China in Transition
China's Economic Prospects for 2006
- The coexistence of deflation and yuan revaluation pressures
Chi Hung KWAN
Consulting Fellow, RIETI
China's economic growth is estimated to have reached an admirable 9.4% in 2005. However, the Chinese economy is likely to slow down to under 8% in 2006, against the backdrop of such factors as a decline in corporate earnings due to surges in the prices of raw materials and excessive production, a drop in real estate and stock prices, and aggravated trade frictions. Meanwhile, with China's foreign exchange reserves ballooning on the back of a large surplus in its balance of payments, upward pressure on the yuan should increase further.
Corporate earnings are declining in the processing and consumer goods sectors due to soaring prices of raw materials and excessive production. Despite the fact that input prices are rising, the prices of consumer goods have remained stable, and the increase in input prices has not been translated into higher output prices. This comes against the backdrop of increasingly excessive production capacity in many sectors such as steel, cement and nonferrous metals as a result of the investment boom seen since 2003. Far from rising, the prices of such products are in fact plunging amid increasing inventory. Faced with a rapidly deteriorating business environment, companies will have to hold back on production and investment.
In an effort to stamp out the real estate bubble, beginning in the spring of 2005 Chinese authorities introduced a series of policy instruments such as raising interest rates on mortgages and bolstering tax measures related to real estate transactions. In response, the real estate markets in major cities such as Shanghai are entering an adjustment phase. Meanwhile, stock prices are foundering at levels that are about half those of their peak in June 2001, triggered by the implementation of a plan to release non-negotiable shares into the market. Such declines in asset prices will likely throw a wet blanket on consumption.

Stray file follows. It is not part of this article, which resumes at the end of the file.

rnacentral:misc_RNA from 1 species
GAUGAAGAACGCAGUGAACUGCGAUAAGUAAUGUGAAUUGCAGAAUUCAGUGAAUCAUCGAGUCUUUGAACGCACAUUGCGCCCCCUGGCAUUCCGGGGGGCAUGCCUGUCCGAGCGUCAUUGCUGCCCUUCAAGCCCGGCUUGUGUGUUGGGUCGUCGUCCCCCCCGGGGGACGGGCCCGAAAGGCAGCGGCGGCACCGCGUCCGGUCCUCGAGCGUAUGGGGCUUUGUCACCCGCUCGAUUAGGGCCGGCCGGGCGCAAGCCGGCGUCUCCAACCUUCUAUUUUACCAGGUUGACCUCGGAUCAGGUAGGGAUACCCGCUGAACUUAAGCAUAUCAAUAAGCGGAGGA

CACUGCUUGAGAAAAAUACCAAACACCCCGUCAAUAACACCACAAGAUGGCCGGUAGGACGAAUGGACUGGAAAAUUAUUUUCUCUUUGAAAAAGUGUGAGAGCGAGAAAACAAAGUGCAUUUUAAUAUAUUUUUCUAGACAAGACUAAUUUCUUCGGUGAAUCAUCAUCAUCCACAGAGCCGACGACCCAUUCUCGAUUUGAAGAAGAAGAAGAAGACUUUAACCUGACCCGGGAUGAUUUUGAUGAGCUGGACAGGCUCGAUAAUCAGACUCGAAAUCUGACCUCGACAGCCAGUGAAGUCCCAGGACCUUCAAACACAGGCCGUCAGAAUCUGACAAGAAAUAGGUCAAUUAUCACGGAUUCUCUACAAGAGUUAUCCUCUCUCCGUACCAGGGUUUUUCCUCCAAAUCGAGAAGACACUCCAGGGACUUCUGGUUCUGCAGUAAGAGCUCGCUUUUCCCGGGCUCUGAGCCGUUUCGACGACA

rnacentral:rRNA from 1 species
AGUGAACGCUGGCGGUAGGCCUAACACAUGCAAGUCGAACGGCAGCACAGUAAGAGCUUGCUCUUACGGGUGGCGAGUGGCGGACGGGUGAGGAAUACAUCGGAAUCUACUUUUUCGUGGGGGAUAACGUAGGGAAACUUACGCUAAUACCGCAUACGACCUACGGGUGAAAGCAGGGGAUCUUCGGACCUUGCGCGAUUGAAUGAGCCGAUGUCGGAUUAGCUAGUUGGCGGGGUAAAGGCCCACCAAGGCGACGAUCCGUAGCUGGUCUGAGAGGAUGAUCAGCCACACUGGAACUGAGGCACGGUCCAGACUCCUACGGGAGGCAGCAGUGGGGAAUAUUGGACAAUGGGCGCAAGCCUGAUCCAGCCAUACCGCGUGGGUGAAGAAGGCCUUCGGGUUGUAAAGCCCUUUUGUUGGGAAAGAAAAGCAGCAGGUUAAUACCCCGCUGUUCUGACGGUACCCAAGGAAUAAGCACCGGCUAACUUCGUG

On the other hand, trade frictions are worsening as China's trade surplus balloons, and the country's export environment is getting severe. In fact, growth in China's imports (in dollar terms) is much lower than that of exports. During January-November 2005, exports surged 29.7% compared to the same period the previous year, but growth in imports was just 17.1% (when the spike in oil prices is taken into consideration, real growth in imports becomes even lower). When we consider that China's trade is dominated by importing machinery and intermediate goods from overseas and exporting processed goods, this recent turn for the worse in imports indicates a high likelihood exports will slow down in the future.
Amid the rapid rise in China's trade imbalance, calls for a revaluation of the yuan are coming from industrial countries, particularly the United States. In response to such demands, on July 21, 2005, China revalued the yuan by 2.1% and simultaneously changed its foreign exchange regime to a managed float system from its traditional dollar peg. However, the authorities are continuing to intervene massively in the foreign exchange market to slow the pace at which the yuan rises. As a result, China's foreign exchange reserves are increasing at a pace that is little changed from before (roughly $20 billion a month), and in early 2006 China will likely surpass Japan to become the world's largest holder of foreign exchange reserves. Faced with pressure from both the market and foreign governments, Chinese authorities would have no choice but to allow the yuan to rise at a faster pace.
December 27, 2005
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